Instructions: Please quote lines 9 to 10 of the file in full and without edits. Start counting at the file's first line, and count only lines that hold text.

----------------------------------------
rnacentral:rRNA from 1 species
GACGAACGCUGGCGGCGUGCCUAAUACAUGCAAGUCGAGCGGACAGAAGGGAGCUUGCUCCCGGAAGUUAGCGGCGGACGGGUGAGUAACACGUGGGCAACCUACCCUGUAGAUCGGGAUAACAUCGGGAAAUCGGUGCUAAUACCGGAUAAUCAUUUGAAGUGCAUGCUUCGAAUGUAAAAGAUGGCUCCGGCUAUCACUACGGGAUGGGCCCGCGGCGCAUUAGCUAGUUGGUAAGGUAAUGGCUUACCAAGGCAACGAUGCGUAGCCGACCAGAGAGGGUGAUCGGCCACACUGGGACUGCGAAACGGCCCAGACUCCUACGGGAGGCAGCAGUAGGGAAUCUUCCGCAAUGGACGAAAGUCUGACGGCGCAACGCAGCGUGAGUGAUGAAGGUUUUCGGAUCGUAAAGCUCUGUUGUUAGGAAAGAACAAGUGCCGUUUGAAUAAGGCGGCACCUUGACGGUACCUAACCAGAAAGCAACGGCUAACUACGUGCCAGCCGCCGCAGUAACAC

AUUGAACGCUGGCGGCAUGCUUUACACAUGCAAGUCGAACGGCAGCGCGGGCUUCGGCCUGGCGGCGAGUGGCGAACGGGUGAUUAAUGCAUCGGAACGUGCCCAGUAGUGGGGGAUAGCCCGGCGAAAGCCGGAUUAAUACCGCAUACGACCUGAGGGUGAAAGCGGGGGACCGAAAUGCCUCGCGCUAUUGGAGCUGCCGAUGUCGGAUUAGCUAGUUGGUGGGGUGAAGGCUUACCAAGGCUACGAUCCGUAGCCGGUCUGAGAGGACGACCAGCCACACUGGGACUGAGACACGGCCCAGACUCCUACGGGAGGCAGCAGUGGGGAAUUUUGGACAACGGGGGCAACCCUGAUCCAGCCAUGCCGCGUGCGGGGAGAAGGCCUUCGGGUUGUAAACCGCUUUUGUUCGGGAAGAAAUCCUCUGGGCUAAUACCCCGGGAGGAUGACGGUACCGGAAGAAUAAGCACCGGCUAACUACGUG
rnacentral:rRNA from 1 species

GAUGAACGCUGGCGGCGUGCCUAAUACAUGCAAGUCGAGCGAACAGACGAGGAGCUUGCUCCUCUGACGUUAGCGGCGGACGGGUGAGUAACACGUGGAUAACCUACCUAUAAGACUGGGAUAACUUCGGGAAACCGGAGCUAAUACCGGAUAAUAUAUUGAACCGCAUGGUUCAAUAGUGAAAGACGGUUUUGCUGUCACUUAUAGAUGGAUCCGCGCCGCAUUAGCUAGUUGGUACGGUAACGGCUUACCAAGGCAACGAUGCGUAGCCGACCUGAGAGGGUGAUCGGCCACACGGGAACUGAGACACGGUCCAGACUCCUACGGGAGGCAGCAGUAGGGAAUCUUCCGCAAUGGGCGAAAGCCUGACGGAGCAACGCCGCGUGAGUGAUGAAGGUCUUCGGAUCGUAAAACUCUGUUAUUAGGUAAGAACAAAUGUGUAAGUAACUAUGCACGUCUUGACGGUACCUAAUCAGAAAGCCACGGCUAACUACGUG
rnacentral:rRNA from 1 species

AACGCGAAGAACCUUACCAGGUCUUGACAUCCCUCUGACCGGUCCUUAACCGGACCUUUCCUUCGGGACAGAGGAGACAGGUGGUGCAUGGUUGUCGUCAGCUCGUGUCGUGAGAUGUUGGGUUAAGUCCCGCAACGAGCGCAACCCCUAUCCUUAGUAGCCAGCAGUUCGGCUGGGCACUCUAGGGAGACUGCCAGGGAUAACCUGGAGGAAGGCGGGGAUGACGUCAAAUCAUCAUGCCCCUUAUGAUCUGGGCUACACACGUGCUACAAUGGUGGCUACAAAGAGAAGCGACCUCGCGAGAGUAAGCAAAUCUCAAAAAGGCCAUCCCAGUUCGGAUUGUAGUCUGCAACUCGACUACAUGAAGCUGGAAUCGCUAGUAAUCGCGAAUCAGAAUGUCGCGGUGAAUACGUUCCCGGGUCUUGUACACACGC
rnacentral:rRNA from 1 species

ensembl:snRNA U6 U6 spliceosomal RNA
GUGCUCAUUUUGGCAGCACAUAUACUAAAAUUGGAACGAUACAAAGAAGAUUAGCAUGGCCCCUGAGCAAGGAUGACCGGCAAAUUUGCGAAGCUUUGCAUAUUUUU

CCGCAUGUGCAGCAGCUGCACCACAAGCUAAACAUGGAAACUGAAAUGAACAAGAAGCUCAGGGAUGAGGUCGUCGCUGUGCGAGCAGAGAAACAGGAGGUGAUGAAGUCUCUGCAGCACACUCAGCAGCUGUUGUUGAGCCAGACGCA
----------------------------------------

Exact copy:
ensembl:snRNA U6 U6 spliceosomal RNA
GUGCUCAUUUUGGCAGCACAUAUACUAAAAUUGGAACGAUACAAAGAAGAUUAGCAUGGCCCCUGAGCAAGGAUGACCGGCAAAUUUGCGAAGCUUUGCAUAUUUUU